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Human rights lawyer's £10,000 a month for human rights advice

A human rights lawyer is receiving more than £10,000 a month from the Northern Ireland Policing Board for consultancy advice, the Belfast Telegraph can reveal.

Almost £700,000 of public funds has been paid out over the past five years for human rights advice from three lawyers about the PSNI’s performance and policies. This sum includes £26,000 for expenses.

It has also emerged that the lawyers were awarded the contract without entering into any tendering competition.

The board’s current independent human rights adviser Alyson Kilpatrick — who was brought in as a consultant in 2008 — received more than £250,000 in her first two years.

She also received £21,000 in consultancy costs over a two-month period last year.

The level of expenditure on human rights lawyers has been questioned by Policing Board member Jimmy Spratt, who said he believed the money would be better allocated to essential front-line policing requirements.

Before Ms Kilpatrick was appointed, lawyers Keir Starmer QC, now the Director of Public Prosecutions in England and Wales, and Jane Gordon provided the human rights advice on a consultancy basis at a cost of £372,000 from 2005/06 to 2007/08.

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It is not known how many days of work the expenditure on human rights consultancy covers as the Policing Board said that “the information as requested is not available”.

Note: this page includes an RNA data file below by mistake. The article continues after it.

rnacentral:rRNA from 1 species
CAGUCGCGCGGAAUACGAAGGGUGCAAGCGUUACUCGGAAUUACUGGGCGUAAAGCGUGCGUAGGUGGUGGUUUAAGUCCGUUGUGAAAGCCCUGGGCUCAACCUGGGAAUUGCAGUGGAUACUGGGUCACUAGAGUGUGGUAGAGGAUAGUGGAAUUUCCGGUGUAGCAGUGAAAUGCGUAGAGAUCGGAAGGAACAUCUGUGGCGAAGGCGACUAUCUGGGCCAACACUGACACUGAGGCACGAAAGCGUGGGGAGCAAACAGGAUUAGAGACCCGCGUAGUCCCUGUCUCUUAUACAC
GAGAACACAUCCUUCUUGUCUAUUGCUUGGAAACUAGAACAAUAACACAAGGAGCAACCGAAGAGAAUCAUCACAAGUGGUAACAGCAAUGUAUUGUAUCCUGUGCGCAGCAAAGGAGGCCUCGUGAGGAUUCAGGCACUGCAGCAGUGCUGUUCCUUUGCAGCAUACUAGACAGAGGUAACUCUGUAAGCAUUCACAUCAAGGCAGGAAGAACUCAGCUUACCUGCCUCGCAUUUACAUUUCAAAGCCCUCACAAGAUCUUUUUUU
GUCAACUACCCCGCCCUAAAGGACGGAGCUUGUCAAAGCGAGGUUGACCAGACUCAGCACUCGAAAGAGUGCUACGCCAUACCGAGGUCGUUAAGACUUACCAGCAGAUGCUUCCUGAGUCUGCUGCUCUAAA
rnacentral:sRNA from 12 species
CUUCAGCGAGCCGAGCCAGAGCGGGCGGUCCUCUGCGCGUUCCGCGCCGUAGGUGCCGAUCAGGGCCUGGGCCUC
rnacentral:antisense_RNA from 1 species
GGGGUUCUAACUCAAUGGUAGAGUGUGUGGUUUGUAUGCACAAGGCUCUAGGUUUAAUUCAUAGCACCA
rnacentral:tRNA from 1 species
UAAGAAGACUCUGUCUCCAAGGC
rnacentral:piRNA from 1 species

The Policing Board defended the payments saying that the human rights adviser “advises the board on how well the PSNI are meeting their statutory obligations in relation to the Human Rights Act 1998”.

A spokeswoman said that as well as assisting the board report annually on its findings in areas such as PSNI use of force, police training, complaints and discipline, the adviser is also involved in supporting the board in various thematic reviews, which to date include domestic abuse and children and young people.

“The adviser also monitors the policing of public order events and provides ad hoc advice to the Policing Board on issues such as the PSNI's decision to introduce Taser and retention of DNA samples and profiles,” the spokeswoman added.

When contacted by the Belfast Telegraph, Ms Kilpatrick said she was not in a position to provide any additional information to that which the Policing Board had already supplied.

Mr Spratt, who obtained the information under the Freedom of Information Act, said: “Over the course of the last five years the Policing Board has spent almost £750,000 on human rights advisers — money that could have been allocated to essential frontline policing requirements like employing civilian staff to work in police stations, thereby providing more police officers on the beat.

“This is not a good use of public money given the very apparent lack of transparency and the fact that the board have suppressed information by not indicating the monthly costs of this contract.

“The public have a very clear right to know how this money is being expended and the number of hours involved, and how the matter is audited and authorised within the board.”

The PSNI has its own human rights advisers and does not have to adhere to the board’s recommendations.

Questions have also been raised over the use of single tender action to appoint the human rights lawyers.

The Policing Board’s policy states that “only in exceptional circumstances, where there are substantial and defensible reasons for so doing, should single tender actions be entered into”.

The board would not specify to this newspaper on what grounds it was agreed to use single tender action to appoint the human rights advisers.

A spokeswoman said, however: “Due to the nature of the work and the role provided to the board by the human rights adviser, single tender action has been granted for procurement of this service.”

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